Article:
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Covid-sniffing dogs trialled at German test concert

The efficacy of coronavirus detection dogs was trialled last Sunday (19 September) at a test show in Hanover.

The German trial was led by the University of Veterinary Medicine Hannover (TiHo), which recently published a study that found Coronavirus detection dogs could detect the presence of Covid-19 in people with 94% accuracy, even if they are asymptomatic.

The Hanover study took place at an open-air concert by Fury in the Slaughterhouse at the Gilde Parkbühne with 500 attendees.

As part of the trial, attendees were required to take a PCR test and a rapid antigen test, and provide two arm sweat samples, which were sniffed by several dogs to detect the presence of Covid-19.

“In order to check that the dogs in the on-site entrance situation are able to recognise infected people, we smuggled in inactivated positive samples,” explains Professor Dr Holger Volk from TiHo.

“The result: the dogs have displayed all inactivated positive samples!”

“For this, there were helpers in the admission line who had the samples with them and handed them in. The result: the dogs have displayed all inactivated positive samples! So they did an excellent job,” says Volk says of the interim results, which will be corroborated with results from the PCR tests.

The Fury in the Slaughterhouse concert was the first of four trials to examine whether trained corona detection dogs are suitable for use in everyday situations.

The trials, organised in conjunction with Hannover Concerts, ProEvent Hannover and AWiAS Aviation Services GmbH, are funded by a €1.3 million grant from the Lower Saxony Ministry for Science and Culture.

Sniffer dogs were first used to detect infection in passengers in a trial at Dubai airport and since deployed in airports in Helsinki and Santiago, Chile, as well as more recently by the Miami Heat basketball team in Florida.


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Back to Dance: Pilot project to get Hanover dancing again

Academics, associations and festivals in Lower Saxony are aiming to prove that open-air dance music events may be held safely this summer with a new pilot project, Back to Dance, which begins Friday (18 June).

An initiative of Fuchsbau Festival, SNNTG Festival, local industry associations such as Musikland Niedersachsen, MusikZentrum Hannover and KlubNetz, and Hanover’s Leibniz University, the Back to Dance events will take place over four days (18 June and 2, 3 and 4 July) in four different settings, with scientists from Leibniz University in Hanover and the Hanover Department of Health examining the impact of each format on the risk of infection with Covid-19.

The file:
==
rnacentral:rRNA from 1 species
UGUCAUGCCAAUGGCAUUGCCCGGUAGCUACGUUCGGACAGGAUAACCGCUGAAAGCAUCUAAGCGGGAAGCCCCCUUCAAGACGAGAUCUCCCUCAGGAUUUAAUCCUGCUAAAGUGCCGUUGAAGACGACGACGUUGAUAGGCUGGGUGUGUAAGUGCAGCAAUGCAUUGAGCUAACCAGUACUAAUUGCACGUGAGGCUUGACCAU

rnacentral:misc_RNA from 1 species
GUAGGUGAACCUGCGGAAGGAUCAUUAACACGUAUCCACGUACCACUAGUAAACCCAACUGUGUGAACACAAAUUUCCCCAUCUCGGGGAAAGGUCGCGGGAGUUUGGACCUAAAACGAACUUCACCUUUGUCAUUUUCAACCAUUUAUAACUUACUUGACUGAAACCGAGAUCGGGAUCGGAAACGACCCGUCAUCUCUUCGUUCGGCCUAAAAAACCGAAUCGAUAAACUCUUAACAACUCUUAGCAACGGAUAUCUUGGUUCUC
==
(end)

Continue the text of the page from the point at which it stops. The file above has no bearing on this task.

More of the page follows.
The pilot will look particularly at effects of dancing on the transmission of aerosols, with organisers noting that, for both promoters and fans, dance music events are “simply unthinkable without guests having permission to dance”.

As scientists are testing different formats, masks will be be compulsory for the first event, on 18 June, while alcohol is available for all shows except those on 2 July. All eight events (two each day) will take place in the inner courtyard of MusikZentrum Hannover (pictured). All visitors must be at least 18 years and have produced a negative Covid-19 test within 12 hours of attending the event (even those who are already fully vaccinated against Covid-19).

“We want to show that an event of this kind is possible … under pandemic conditions”

Organisers will make use of Germany’s Corona-Warn-App for contact tracing purposes during and after the shows, which will feature a mix of live DJs and recorded electronic dance music.

Tickets for all eight events cost €5 each, and ticketbuyers may attend more than one.

A statement from Musikland Niedersachsen explains the motivation behind the Back to Dance ‘model project’: “In Lower Saxony, dancing without social distancing and without a mask is still not possible, even though it has been proven that the risk of infection in the open air is minimal and the overall incidence is low. With the model project we want to show, on the one hand, that an event of this kind is possible. On the other hand, we are interested in the factors that influence the organisation and behaviour of visitors under pandemic conditions.”

In the Netherlands, the government was influenced in its recent decision to lift all restrictions by the success of the Back to Live pilot series, which included several dance music shows organised by ID&T. There have been multiple similar pilots in Germany, though the country is still operating under a patchwork of state-by-state restrictions and the majority of its major summer festivals have already been cancelled.


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